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Devarim 4:15 states:

Take ye therefore good heed unto yourselves—for ye saw no manner of form on the day that the LORD spoke unto you in Horeb out of the midst of the fire—

And also in Shemos 19:11:

and be ready against the third day; for the third day the LORD will come down in the sight of all the people upon mount Sinai.

Does this necessarily mean that the Israelites perception of G-d was one that was formless, or could it just mean that it was obscured/they weren't privy to it, and thus cannot make any sort of image/idol since they have no idea how he looked.

It also says in the Midrash/Talmud somewhere that G-d appeared as an elder at sinai, is that somehow contradictory to this pasuk or is it within the confines of it's interpretation?

Note the Rambam and other midrashic works I've seen use this as proof that G-d is incorporeal.

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Does this necessarily mean that the Israelites perception of G-d was one that was formless, or could it just mean that it was obscured/they weren't privy to it

Do not see form. or do not can see form. or concept of form is linked to conceptuability/perceptibility? I think that the first is the minimal and the first step and the pshat.

The word Temuna, is extracted from Mana counting, finitude

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    I enjoyed the linguistic note. – Micha Berger May 5 '16 at 17:31
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Actually the words are "כִּ֣י לֹ֤א רְאִיתֶם֙ כָּל־תְּמוּנָ֔ה -- for you did not see any form". Nothing about seeing something formless. What the Jews did see (Exodus 20:14):

וְכׇל־הָעָם֩ רֹאִ֨ים אֶת־הַקּוֹלֹ֜ת וְאֶת־הַלַּפִּידִ֗ם וְאֵת֙ ק֣וֹל הַשֹּׁפָ֔ר וְאֶת־הָהָ֖ר עָשֵׁ֑ן וַיַּ֤רְא הָעָם֙ וַיָּנֻ֔עוּ וַיַּֽעַמְד֖וּ מֵֽרָחֹֽק׃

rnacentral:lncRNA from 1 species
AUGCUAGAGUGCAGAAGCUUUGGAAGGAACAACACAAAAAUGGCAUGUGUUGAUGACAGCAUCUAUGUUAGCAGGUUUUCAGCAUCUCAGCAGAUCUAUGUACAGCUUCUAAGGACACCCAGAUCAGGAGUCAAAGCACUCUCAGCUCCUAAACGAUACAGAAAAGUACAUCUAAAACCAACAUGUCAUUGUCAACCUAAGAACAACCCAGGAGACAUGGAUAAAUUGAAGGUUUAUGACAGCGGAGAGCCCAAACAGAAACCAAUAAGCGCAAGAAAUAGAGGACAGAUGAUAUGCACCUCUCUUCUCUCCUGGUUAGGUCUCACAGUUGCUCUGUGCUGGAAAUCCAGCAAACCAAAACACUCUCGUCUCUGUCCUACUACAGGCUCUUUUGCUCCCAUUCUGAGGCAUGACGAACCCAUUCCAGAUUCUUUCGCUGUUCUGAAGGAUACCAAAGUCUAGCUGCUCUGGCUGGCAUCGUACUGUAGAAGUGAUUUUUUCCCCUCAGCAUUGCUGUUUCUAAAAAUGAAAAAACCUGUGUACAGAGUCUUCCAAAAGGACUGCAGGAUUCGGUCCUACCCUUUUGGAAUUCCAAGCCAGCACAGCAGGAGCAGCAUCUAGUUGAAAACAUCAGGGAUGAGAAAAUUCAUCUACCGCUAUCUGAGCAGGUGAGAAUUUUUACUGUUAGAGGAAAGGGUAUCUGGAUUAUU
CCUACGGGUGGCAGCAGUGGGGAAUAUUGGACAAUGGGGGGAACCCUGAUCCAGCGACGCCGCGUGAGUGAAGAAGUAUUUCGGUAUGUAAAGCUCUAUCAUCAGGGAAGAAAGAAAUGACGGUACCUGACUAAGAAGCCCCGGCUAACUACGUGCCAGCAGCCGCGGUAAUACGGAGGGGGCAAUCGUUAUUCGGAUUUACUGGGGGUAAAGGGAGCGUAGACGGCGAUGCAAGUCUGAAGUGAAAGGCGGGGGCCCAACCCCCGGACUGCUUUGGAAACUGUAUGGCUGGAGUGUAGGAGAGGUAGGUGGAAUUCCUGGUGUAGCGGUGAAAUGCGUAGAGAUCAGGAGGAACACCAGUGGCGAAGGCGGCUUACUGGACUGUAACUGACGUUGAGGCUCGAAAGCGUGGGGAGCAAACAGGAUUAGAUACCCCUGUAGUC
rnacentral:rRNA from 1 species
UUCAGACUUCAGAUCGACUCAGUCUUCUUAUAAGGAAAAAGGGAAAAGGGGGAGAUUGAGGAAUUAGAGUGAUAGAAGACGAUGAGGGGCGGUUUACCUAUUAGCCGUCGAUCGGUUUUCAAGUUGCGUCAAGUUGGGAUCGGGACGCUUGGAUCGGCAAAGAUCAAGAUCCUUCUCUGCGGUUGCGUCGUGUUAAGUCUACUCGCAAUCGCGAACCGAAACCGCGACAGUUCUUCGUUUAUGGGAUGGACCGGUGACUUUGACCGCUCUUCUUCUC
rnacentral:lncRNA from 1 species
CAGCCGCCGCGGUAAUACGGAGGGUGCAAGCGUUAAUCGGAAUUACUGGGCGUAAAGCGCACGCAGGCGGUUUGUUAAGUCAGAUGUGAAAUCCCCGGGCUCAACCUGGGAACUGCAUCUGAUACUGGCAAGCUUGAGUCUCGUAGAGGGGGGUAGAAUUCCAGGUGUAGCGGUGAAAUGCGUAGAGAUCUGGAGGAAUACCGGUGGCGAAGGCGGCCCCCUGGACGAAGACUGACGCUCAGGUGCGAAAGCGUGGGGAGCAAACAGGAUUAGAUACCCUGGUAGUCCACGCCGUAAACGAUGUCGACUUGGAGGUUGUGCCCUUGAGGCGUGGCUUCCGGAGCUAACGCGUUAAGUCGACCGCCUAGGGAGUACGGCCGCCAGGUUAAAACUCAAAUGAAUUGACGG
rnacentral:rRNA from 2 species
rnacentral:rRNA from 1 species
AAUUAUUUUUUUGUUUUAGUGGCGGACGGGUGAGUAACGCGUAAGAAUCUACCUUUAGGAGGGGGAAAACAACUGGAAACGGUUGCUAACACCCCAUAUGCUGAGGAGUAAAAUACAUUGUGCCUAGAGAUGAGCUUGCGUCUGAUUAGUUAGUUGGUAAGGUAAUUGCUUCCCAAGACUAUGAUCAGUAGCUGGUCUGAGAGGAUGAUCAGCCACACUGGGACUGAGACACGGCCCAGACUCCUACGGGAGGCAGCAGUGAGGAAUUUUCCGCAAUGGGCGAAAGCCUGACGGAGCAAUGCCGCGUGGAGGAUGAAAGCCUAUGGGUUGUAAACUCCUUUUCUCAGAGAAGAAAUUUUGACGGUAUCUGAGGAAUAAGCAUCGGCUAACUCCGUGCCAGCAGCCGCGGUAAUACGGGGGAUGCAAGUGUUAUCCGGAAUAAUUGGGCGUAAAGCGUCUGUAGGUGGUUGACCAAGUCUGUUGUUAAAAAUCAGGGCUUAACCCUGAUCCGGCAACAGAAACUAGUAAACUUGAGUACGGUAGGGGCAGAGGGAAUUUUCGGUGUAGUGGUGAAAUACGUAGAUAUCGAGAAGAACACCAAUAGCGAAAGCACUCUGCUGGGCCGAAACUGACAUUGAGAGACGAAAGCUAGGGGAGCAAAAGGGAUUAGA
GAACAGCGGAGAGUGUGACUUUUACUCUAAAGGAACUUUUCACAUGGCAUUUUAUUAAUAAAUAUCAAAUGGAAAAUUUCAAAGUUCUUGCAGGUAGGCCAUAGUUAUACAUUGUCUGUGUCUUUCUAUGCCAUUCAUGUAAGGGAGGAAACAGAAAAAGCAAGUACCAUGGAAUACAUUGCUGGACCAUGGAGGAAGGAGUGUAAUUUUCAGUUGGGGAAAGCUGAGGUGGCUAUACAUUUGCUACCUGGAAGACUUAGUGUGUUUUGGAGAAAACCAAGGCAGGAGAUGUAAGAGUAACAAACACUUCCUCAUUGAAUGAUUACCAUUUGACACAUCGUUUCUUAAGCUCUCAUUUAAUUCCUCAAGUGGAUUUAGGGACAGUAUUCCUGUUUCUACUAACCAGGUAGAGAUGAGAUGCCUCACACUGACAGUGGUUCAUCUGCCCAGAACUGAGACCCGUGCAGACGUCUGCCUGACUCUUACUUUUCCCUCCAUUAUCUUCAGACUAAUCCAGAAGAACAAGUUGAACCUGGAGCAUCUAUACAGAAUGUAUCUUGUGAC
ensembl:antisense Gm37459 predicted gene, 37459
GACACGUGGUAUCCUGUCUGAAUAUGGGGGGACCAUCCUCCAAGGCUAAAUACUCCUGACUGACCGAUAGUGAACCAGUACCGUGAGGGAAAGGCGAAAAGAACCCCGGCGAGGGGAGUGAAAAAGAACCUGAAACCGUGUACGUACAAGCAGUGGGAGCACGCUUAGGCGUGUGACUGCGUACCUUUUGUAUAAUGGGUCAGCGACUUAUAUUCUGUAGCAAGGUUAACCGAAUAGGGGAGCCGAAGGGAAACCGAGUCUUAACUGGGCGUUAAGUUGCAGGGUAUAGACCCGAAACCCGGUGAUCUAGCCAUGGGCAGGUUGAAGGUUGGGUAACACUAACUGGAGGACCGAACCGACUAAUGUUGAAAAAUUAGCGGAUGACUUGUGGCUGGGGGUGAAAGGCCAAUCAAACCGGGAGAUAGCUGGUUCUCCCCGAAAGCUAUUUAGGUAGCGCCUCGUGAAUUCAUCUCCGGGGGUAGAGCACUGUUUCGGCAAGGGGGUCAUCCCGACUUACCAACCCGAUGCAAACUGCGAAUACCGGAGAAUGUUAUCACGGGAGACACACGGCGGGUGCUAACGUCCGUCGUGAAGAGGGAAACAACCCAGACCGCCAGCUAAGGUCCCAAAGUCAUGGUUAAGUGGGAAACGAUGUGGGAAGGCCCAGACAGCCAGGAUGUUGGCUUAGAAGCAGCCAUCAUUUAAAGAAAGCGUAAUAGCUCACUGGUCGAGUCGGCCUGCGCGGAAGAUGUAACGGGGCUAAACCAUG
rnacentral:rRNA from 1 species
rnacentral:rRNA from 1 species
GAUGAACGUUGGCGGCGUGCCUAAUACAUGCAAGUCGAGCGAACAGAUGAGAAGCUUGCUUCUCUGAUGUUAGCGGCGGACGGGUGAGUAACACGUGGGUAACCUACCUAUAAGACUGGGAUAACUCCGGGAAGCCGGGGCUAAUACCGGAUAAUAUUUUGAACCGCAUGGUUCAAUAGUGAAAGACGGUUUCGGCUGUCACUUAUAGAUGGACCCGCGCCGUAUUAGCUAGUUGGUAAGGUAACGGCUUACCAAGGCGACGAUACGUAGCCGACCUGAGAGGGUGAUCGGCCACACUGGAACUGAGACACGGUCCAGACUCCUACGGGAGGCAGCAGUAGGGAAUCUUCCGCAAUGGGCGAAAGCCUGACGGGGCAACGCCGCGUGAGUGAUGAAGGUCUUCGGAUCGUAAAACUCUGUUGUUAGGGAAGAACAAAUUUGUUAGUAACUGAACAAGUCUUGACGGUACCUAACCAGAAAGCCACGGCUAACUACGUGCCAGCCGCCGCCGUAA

And the whole nation saw the sounds and the flames, the sound of the shofar and the mountain in smoke; the nation was in awe/fear, and they trembled and stood from afar.

The sages discuss how they could see sounds. Today one might say it was auditory to visual synesthesia caused by sensory overload. The question would be why G-d would find this effect desirable.

But in any case, no one sees visions of G-d during the 10 commandments. Now, explaining the Throne Vision the elders had just after. (Exodus 33:18) The man in the throne cannot be G-d both because of the verse you quote and because of fundamental theological concerns. The medieval commentators dispute what is actually was, discussed here. Either a vision of something real that is other than G-d, or the vision is a symbolic message and the man is a symbol representing G-d.

  • "But in any case, no one sees visions of G-d during the 10 commandments" Do you mean no one saw? – mevaqesh May 5 '16 at 18:24
  • @MichaBerger i updated the post. The key thing I'm going for is that the Rambam uses this as proof that G-d doesn't have a body, so according to him they saw something that proved that to them. – Fei23 May 5 '16 at 18:31
  • @Fei23: Or, their failure to see anything proved the point. After all, the Rambam doesn't believe people literally see even angels, moving every story involving people interacting with angels into the realm of prophecy. IOW, the Rambam says that people only prophetically "see" or "hear" angels, since one can only literally see or hear physically things. All the moreso G-d. Besides, a blob or a cloud also has finite extension and parts; something visible but formless would also fail the Rambam's logic about G-d. – Micha Berger May 9 '16 at 16:52

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